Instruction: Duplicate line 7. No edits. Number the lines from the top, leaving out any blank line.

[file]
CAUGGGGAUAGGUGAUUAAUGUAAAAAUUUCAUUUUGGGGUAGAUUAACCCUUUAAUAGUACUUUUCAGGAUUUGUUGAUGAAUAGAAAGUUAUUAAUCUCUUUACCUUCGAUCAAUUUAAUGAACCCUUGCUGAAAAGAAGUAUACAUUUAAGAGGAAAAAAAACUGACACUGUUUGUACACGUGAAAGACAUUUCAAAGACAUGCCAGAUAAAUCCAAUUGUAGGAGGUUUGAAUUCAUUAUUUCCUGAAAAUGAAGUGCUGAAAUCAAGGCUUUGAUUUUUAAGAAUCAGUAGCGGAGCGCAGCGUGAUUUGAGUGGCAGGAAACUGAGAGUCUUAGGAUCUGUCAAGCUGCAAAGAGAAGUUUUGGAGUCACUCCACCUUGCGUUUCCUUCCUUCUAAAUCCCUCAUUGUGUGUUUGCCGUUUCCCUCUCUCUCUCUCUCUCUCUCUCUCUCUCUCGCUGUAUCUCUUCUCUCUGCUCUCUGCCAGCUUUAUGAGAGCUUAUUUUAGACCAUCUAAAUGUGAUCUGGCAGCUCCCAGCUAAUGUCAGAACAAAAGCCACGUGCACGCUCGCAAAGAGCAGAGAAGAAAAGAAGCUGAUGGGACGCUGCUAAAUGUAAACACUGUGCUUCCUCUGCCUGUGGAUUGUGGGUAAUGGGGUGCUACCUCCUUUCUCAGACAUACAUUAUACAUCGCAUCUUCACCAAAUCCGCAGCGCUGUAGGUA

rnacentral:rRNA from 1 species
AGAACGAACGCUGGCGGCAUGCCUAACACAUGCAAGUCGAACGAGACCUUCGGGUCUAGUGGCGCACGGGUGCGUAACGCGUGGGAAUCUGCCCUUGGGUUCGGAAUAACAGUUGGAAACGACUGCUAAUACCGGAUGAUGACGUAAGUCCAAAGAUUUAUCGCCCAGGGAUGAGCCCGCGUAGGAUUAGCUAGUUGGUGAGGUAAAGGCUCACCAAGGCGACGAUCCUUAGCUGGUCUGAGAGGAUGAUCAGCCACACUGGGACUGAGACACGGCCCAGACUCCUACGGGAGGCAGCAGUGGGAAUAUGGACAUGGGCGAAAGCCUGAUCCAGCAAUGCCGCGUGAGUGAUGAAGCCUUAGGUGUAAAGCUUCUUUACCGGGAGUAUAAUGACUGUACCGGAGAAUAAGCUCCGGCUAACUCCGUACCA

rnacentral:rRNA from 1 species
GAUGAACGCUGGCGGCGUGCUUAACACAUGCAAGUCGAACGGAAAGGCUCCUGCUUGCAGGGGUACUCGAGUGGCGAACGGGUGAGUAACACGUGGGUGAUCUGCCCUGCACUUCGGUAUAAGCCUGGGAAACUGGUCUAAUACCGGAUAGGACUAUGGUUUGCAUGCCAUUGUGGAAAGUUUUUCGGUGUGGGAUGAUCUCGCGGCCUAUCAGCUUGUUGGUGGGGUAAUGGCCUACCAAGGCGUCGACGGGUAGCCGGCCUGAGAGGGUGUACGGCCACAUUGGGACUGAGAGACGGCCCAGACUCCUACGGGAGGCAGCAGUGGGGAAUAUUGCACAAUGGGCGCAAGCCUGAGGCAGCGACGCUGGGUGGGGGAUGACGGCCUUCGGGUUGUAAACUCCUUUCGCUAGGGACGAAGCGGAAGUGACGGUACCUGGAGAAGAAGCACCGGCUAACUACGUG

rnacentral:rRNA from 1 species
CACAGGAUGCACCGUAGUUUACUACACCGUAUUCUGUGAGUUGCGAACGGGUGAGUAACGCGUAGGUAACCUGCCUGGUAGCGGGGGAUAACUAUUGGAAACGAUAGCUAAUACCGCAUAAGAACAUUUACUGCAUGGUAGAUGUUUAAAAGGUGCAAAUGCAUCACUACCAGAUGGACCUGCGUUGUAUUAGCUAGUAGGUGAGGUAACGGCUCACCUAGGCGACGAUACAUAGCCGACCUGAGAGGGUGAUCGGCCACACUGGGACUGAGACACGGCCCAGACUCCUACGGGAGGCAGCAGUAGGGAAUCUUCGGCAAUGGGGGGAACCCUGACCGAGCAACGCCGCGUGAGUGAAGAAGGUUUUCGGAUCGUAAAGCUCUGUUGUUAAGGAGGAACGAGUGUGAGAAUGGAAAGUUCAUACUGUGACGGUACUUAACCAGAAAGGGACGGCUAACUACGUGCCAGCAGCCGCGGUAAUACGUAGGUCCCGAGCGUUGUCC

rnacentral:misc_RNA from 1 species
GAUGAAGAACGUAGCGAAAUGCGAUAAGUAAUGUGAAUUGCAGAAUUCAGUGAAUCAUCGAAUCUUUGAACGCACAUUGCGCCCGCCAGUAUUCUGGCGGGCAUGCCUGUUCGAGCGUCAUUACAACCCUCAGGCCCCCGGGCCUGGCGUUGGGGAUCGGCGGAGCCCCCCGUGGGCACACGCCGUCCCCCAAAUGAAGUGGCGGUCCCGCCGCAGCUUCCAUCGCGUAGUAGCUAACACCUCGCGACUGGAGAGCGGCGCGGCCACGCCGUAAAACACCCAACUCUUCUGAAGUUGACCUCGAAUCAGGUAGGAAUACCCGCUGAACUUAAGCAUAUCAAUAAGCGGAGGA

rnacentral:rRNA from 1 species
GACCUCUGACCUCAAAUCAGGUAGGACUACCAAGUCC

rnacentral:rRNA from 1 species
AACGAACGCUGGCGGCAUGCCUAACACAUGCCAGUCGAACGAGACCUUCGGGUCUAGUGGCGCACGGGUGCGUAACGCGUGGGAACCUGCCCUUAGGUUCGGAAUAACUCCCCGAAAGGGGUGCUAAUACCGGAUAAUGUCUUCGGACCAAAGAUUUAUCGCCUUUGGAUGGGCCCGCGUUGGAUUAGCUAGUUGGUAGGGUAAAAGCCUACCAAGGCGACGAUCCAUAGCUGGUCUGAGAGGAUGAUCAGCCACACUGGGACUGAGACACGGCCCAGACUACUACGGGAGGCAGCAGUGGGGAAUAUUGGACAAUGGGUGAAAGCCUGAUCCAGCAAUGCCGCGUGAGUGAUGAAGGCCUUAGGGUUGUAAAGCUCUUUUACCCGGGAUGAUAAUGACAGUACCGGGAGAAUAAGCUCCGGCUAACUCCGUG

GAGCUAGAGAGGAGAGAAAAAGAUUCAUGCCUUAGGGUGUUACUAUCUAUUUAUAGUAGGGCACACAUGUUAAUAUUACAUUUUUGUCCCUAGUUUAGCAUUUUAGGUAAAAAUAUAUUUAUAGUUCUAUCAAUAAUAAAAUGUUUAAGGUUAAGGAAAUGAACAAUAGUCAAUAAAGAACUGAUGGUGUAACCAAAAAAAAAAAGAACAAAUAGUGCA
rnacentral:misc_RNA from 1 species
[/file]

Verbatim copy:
CACAGGAUGCACCGUAGUUUACUACACCGUAUUCUGUGAGUUGCGAACGGGUGAGUAACGCGUAGGUAACCUGCCUGGUAGCGGGGGAUAACUAUUGGAAACGAUAGCUAAUACCGCAUAAGAACAUUUACUGCAUGGUAGAUGUUUAAAAGGUGCAAAUGCAUCACUACCAGAUGGACCUGCGUUGUAUUAGCUAGUAGGUGAGGUAACGGCUCACCUAGGCGACGAUACAUAGCCGACCUGAGAGGGUGAUCGGCCACACUGGGACUGAGACACGGCCCAGACUCCUACGGGAGGCAGCAGUAGGGAAUCUUCGGCAAUGGGGGGAACCCUGACCGAGCAACGCCGCGUGAGUGAAGAAGGUUUUCGGAUCGUAAAGCUCUGUUGUUAAGGAGGAACGAGUGUGAGAAUGGAAAGUUCAUACUGUGACGGUACUUAACCAGAAAGGGACGGCUAACUACGUGCCAGCAGCCGCGGUAAUACGUAGGUCCCGAGCGUUGUCC